24. The method of claim 14, wherein the magnetic field is applied using electrical currents to generate the magnetic field.

25. The method of claim 24, wherein the magnetic field is applied using Helmholtz coils.

26. The method of claim 14, further comprising:

applying a test magnetic field to a second microelectronic device comprising a magnetic sensor component and magnetizable structural features;

subsequently measuring a value of a parameter of the magnetic sensor component of the second microelectronic device; and

using the measured value of the parameter to estimate a desired orientation for the magnetic field applied to the second microelectronic device, before applying the magnetic field to the microelectronic device.

27. The method of claim 14, further comprising:

reading values of magnetic properties of the microelectronic device from a computer-readable memory;

estimating a value of a parameter of the magnetic sensor component as a function of a test orientation of the magnetic moments of the magnetizable structural features, using the values of the magnetic properties; and

estimating a desired orientation for the magnetic field applied to the microelectronic device, using the estimated value of the parameter, before applying the magnetic field to the microelectronic device.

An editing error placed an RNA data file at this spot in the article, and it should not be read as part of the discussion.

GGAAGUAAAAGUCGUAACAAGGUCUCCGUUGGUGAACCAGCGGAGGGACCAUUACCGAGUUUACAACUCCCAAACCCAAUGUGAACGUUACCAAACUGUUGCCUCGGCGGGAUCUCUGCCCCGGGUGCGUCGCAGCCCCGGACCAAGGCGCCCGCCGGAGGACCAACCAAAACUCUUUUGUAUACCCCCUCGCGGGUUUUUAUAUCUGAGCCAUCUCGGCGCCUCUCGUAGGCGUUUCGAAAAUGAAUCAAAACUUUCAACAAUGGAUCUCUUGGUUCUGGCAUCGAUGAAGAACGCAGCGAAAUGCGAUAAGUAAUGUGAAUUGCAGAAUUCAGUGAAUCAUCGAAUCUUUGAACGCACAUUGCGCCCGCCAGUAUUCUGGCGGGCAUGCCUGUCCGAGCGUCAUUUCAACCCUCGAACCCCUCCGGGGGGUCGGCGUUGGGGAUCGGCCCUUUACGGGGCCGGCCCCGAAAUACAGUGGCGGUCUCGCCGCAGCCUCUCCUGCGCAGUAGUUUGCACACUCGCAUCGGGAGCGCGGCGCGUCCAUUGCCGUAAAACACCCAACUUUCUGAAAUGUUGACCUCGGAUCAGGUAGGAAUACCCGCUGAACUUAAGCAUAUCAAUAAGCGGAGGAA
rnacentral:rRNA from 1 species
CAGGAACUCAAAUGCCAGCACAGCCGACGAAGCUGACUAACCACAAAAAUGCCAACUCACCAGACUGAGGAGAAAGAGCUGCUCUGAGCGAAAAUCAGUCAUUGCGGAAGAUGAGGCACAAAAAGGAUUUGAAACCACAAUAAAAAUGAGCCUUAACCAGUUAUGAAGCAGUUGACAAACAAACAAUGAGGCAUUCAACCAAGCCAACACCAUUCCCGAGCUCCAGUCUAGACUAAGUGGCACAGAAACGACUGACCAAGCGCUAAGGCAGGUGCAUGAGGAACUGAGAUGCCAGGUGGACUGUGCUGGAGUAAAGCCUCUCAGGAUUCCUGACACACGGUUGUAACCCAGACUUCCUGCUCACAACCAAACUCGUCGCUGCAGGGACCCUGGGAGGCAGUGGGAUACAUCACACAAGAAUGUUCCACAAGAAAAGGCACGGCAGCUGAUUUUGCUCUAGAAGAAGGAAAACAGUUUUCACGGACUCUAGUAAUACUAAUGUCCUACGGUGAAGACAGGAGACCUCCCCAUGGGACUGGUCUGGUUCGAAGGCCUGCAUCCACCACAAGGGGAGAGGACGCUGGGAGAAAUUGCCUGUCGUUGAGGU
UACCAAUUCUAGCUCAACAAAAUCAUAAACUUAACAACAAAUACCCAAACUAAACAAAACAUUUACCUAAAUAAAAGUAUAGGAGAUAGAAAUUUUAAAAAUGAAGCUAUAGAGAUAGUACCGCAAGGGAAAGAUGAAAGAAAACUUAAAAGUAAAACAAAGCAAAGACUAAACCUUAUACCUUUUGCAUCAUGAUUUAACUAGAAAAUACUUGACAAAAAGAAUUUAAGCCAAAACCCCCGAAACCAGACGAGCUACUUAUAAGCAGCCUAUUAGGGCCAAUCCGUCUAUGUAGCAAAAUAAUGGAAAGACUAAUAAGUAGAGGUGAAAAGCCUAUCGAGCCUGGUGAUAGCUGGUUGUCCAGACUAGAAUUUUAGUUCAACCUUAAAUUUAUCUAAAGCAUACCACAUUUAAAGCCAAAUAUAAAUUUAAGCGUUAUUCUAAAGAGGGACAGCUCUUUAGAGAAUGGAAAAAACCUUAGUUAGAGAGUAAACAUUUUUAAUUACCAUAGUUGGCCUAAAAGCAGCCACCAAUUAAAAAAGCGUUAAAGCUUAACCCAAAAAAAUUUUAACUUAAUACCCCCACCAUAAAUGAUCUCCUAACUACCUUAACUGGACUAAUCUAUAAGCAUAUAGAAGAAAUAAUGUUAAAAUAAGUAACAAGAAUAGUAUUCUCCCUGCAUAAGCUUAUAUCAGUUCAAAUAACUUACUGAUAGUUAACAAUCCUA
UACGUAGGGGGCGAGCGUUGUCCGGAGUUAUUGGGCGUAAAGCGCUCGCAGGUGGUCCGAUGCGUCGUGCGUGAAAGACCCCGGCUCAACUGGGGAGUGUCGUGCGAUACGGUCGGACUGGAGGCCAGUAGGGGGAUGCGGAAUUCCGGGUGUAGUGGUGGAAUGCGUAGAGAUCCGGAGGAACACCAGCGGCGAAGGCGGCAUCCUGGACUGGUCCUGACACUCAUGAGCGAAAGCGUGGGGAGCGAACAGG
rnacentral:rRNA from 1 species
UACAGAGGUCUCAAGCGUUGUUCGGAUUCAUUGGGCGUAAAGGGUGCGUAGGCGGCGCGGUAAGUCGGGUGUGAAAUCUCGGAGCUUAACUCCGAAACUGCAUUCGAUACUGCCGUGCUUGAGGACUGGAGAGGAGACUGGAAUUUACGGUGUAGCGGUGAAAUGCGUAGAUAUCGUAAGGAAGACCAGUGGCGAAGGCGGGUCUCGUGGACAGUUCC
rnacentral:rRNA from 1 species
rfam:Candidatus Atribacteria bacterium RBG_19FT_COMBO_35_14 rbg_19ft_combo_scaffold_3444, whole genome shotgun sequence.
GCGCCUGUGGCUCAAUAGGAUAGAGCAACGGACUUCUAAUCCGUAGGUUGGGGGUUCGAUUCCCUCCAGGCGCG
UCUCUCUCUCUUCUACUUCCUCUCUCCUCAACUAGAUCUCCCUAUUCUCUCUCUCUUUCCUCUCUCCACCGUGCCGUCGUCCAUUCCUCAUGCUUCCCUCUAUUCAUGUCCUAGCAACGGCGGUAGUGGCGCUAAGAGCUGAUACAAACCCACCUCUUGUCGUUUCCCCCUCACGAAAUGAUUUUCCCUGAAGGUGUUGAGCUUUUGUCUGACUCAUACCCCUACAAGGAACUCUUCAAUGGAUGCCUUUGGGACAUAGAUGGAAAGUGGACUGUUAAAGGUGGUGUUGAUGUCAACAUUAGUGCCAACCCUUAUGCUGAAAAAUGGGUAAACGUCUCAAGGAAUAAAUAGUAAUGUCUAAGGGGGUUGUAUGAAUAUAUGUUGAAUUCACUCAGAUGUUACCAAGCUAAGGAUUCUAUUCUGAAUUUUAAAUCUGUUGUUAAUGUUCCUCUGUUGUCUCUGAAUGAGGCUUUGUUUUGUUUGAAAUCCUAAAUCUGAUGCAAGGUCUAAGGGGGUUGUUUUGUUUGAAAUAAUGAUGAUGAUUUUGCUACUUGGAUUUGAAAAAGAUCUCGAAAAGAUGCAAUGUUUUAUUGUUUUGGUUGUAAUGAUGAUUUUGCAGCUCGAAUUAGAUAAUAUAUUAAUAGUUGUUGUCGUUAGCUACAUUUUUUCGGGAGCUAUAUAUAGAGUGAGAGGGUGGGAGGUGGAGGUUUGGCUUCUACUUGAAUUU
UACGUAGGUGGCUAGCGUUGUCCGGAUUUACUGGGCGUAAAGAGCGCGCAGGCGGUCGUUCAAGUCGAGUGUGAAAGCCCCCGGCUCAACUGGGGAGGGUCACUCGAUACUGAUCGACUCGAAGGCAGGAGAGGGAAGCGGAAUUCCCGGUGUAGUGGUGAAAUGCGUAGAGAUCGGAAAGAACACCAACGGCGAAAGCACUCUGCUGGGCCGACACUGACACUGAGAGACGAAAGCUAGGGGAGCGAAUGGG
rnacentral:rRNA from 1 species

28. The method of claim 14, wherein the magnetic field is applied while the microelectronic device is a substrate wafer with other microelectronic devices.

29. A method, comprising:

applying a magnetic field greater than a stray magnetic field to magnetizable structural features disposed in a package housing an active circuit and a magnetic sensor component, for a predetermined duration to align magnetic moments of the magnetizable structural features parallel to the magnetic field; and discontinuing application of the magnetic field after the predetermined duration.

30. The method of claim 29, wherein the magnetic field is at least 10 mT.

31. The method of claim 29, wherein the magnetizable structural features of the package comprise metal leads.

Description:
REDUCTION OF MAGNETIC SENSOR COMPONENT VARIATION DUE TO MAGNETIC MATERIALS THROUGH THE APPLICATION OF MAGNETIC FIELD

[0001] This relates generally to microelectronic devices, and more particularly to microelectronic devices containing magnetic sensor components.

BACKGROUND

[0002] Magnetic sensor components such as fluxgate magnetometer sensors may be integrated into microelectronic devices to reduce cost and system size. A parameter for magnetic sensor components is zero-field offset, which can be understood as a value of the parameter at an applied magnetic field of zero magnitude. Zero-field offset has been shown to be affected by the density and proximity of magnetizable structural features of the microelectronic device, such as nickel layers in bond pads. Conventional semiconductor processing techniques commonly produce randomly aligned magnetizable structural features, which increases overall zero-field offset variability. This may result in reduced accuracy and/or extra calibration costs of the magnetic sensor.